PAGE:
Making sense of trends and data

Nat Gas killed Coal, not Regulation

Published 6.22.2016
Barry Ritholz discusses the reason for coal's decline, which happens to agree with LWRAS's view that the problem in the coal industry is not the result of regulation. Rather, coal has been displaced by lower cost fuel— principally natural gas.

Ritholz also points to the large debts the companies were/are carrying. And the fact that coal is a very dirty source of energy. Here is where the regulation effect would be to the extent that there is one, as 29 states have efforts to increase the use of renewable energy sources over fossil fuels. On the other hand, plenty of people want energy from a cleaner source.

However, it's the effect of cheaper natural gas that really killed coal. Because utilities switch en masse to natural gas. Yes, they may have also realized some tax benefit for doing so, but the bottom line is the bottom line. If natural gas was more expensive than coal, the switch would not have been so complete.

Less demand = fewer fossil fuel jobs


States that heavily rely on fossil fuel production have seen job losses as the market switches to a renewable energy focus. Natural gas, despite displacing coal has also seen a loss of jobs, as prices have declined to the point where it's no longer economical to pull it out of the ground.

This effect too is blamed on government action, and certainly the Obama administration prefers renewable source to fossil fuels. But again, if the prices for renewables weren't declining, fossil fuels would still rule. Of course, in Kansas, market effects are begin amplified by the states failing austerity experiment. Outside of states that rely on fossil fuel production (or have self-inflicted austerity wounds), the job market is improving.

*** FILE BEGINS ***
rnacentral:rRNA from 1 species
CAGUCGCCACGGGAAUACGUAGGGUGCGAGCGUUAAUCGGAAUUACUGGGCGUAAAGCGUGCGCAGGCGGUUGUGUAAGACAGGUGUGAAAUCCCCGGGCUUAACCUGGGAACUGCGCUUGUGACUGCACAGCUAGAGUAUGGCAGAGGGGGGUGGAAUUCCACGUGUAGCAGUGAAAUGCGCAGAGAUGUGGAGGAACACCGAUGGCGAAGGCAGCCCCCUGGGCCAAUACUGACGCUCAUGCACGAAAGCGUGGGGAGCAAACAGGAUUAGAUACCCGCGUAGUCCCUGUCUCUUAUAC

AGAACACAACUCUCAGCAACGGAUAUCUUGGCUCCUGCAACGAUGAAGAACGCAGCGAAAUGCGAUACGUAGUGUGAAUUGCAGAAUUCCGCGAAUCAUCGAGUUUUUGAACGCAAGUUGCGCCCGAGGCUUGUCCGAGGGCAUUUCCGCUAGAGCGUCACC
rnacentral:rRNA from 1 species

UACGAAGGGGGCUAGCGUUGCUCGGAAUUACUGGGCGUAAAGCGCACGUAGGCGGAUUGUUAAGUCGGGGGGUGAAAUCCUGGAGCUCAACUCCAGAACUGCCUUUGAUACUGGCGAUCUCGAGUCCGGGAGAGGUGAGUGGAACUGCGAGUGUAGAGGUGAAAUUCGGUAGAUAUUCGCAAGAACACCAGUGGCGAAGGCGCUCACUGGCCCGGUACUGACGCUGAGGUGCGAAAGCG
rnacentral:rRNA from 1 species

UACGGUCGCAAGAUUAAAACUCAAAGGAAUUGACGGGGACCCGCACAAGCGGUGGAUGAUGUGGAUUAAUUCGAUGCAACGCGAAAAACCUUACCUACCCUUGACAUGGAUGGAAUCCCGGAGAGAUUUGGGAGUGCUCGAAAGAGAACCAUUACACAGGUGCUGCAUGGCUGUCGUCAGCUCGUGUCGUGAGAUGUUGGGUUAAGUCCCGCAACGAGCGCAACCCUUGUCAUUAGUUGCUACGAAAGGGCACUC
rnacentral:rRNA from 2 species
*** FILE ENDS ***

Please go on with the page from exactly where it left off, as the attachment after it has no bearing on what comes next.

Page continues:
So that's the bad news in the state employment data. And it is bad, if you live in one of the affected states. Pretty much everywhere else in the U.S., though, things are looking up. The biggest oil and gas producer (and No. 6 coal producer), Texas, is still adding jobs, at a slowing but healthy 1.6 percent annual pace. That's because it has a huge economy with lots going on besides energy production. The same goes for California, the No. 3 oil producer, with 2.8 percent annual growth. And the same goes for the U.S., where employment grew 1.9 percent over the 12 months ending in January -- down a little from the 2.2 percent pace of a year before, but not bad at all.

Some states are just plain booming. Seventeen states experienced faster job growth than the country as a whole over the 12 months ending in January, and four saw growth of more than 3 percent.



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